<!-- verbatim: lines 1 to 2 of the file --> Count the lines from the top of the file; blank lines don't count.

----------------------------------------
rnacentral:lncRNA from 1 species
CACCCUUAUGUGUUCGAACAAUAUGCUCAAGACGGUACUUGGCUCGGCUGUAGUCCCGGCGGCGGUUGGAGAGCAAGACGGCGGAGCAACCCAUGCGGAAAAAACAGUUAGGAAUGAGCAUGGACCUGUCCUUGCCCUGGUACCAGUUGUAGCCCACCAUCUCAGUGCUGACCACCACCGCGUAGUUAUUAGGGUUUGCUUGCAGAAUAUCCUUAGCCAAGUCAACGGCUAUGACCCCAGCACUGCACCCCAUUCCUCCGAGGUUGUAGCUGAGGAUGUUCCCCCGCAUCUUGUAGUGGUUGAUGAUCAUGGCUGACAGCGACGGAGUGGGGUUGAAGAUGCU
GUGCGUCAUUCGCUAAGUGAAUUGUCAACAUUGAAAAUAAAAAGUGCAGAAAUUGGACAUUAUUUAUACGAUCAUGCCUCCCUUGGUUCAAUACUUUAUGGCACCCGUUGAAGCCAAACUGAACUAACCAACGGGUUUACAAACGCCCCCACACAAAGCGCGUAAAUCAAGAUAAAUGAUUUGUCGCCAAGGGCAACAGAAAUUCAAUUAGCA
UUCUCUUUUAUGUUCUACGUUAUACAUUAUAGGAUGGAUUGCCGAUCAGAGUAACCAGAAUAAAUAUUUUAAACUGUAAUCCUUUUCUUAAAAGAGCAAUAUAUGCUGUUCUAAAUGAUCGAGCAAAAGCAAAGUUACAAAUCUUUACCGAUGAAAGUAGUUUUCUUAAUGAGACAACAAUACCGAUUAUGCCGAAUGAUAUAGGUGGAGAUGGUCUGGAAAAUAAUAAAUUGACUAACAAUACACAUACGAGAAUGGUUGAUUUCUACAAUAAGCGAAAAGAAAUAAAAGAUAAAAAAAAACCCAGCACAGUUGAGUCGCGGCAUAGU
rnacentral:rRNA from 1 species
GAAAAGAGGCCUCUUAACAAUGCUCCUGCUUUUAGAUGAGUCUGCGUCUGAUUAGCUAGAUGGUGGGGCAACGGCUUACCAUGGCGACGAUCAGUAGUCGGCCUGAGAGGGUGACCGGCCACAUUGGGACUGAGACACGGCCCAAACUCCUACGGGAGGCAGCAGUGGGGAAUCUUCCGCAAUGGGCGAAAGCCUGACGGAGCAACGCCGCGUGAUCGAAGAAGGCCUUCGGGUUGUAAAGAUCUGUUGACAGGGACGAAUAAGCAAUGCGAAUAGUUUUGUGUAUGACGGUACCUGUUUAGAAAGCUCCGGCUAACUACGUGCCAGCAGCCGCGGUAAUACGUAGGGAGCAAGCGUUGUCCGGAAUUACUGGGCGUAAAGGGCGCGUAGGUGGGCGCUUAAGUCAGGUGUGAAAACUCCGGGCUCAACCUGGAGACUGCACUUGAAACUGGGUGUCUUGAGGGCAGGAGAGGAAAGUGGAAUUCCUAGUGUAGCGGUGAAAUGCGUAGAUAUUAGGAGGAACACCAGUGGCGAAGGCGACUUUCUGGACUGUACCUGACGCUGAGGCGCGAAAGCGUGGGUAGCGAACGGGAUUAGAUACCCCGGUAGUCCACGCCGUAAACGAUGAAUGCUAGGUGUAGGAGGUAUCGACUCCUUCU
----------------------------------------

rnacentral:lncRNA from 1 species
CACCCUUAUGUGUUCGAACAAUAUGCUCAAGACGGUACUUGGCUCGGCUGUAGUCCCGGCGGCGGUUGGAGAGCAAGACGGCGGAGCAACCCAUGCGGAAAAAACAGUUAGGAAUGAGCAUGGACCUGUCCUUGCCCUGGUACCAGUUGUAGCCCACCAUCUCAGUGCUGACCACCACCGCGUAGUUAUUAGGGUUUGCUUGCAGAAUAUCCUUAGCCAAGUCAACGGCUAUGACCCCAGCACUGCACCCCAUUCCUCCGAGGUUGUAGCUGAGGAUGUUCCCCCGCAUCUUGUAGUGGUUGAUGAUCAUGGCUGACAGCGACGGAGUGGGGUUGAAGAUGCU